"Hey, we already have this challenge, and tons of variations of it! Why are you making another one?" you may ask, but this one is going to be one of the most difficult ones.

Your quine must be "mutation-hardened", which means the quine still must work, even after any one of its characters is duplicated in place.

For example, if you have a program:

abcd


These programs must all output abcd:

aabcd
abbcd
abccd
abcdd


(In each of those programs, a, b, c and d are each duplicated in-place, which means the duplicated character was placed directly after the original character.)

## Rules:

• Standard quine rules apply.

This is , so shortest code in bytes wins!

## Meta:

• Is this challenge too hard?
• What other rules should I put up?
• Is this even possible? Jul 1 '17 at 22:57
• For hard problems, try to find at least one solution. Jul 2 '17 at 17:50
• @Shelvacu It doesn't have to be Jul 14 '17 at 17:21

# Make a Quiz Parser code-golfparsing

Your task is to create a program that will take an input of multiple 4-choice questions (A, B, C, D) in the format shown below, display each question (format also shown below) and its 4 answer choices, get the user's answer to each question, and, at the end of the quiz, output their score as a percentage.

## The Format

### Questions in input

Q<space><Insert question here>:<Insert letter of correct answer here>
<you can add a newline between questions if it makes things easier>


### How to output questions

<question number>. <question>
<2 spaces before each answer letter>


### How to output scores

Your score is: <score here>%


## Test Case

Q What is the average airspeed velocity of an unladen swallow?:B
A African or European?
B 22 mph
C I don't know that!
D What?


If this were question number 42, it would output like this:

42. What is the average airspeed velocity of an unladen swallow?
A. African or European?
B. 22 mph
C. I don't know that!
D. What?


As usual, standard loopholes are strictly forbidden.

This is , so may the shortest code win and the best programmer prosper...

• I like this challenge, but I think it could use a complete test case Jul 5 '17 at 18:41
• @musicman523 Ok. I will use an output from fotoforensics for example. Jul 5 '17 at 18:53

Your code should take in an integer 0 < x < 1965593254291461501637330902918203684832716283083 and output the smallest integer m such that x^m mod 1965593254291461501637330902918203684832716283083 = 1. This long number is the next prime after 2^100 so can be encoded efficiently.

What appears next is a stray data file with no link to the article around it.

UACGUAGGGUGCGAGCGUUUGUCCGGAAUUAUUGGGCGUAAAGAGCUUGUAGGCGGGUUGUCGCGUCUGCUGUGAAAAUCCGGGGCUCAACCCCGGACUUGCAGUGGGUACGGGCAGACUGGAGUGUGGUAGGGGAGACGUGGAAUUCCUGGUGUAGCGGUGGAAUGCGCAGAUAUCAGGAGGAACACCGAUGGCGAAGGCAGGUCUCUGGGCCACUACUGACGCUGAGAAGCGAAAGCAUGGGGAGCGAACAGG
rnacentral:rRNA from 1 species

You may take the input in any format that is convenient and output in any convenient form too.

Your code should take less then one minute to run on a standard desktop no matter what the input.

Examples

2, 4235851503548771316711413838489497242205033676
3, 16943406014195085266845655353957988968820134704
169434060141950852668456553539579889688, 16943406014195085266845655353957988968820134704


Those with python or similar can check the answers with e.g. pow(3,16943406014195085266845655353957988968820134704, 1965593254291461501637330902918203684832716283083) which equals 1.

You may not use any builtin or library function which solves this problem for you.

• Is there a reason you picked that specific number? Jul 6 '17 at 20:07
• I think that unless there's a simple formula that gets that number, hardcoding that value would take more bytes than the rest of the code. Jul 6 '17 at 20:07
• @Phoenix I added a simple formula.
– user9206
Jul 6 '17 at 20:13
• I don't think it's a great idea to use nubmers that are so large that many languages require special constructs to represent them, it gives an unfair advantage to languages with arbitrary precision integers, which already tend to be shorter. Jul 6 '17 at 20:19
• @Phoenix I take your point but the point of this challenge is to devise efficient code for large inputs. Languages with builtin large number support tend to be quite slow (e.g. python) compared to e.g. C. I would like to leave it like this.
– user9206
Jul 6 '17 at 20:22
• Is there an efficient way to find the multiplicative order modulo a prime of a number, short of factoring p-1?
– xnor
Jul 7 '17 at 4:59
• @xnor, none known. Jul 7 '17 at 7:35
• @PeterTaylor Is 100 bits too big to factorize without calling library code to do it for you? Or could the question allow you to factorize the number beforehand? (Wolfram alpha will do that for free for example for the number in my question minus 1.)
– user9206
Jul 7 '17 at 7:52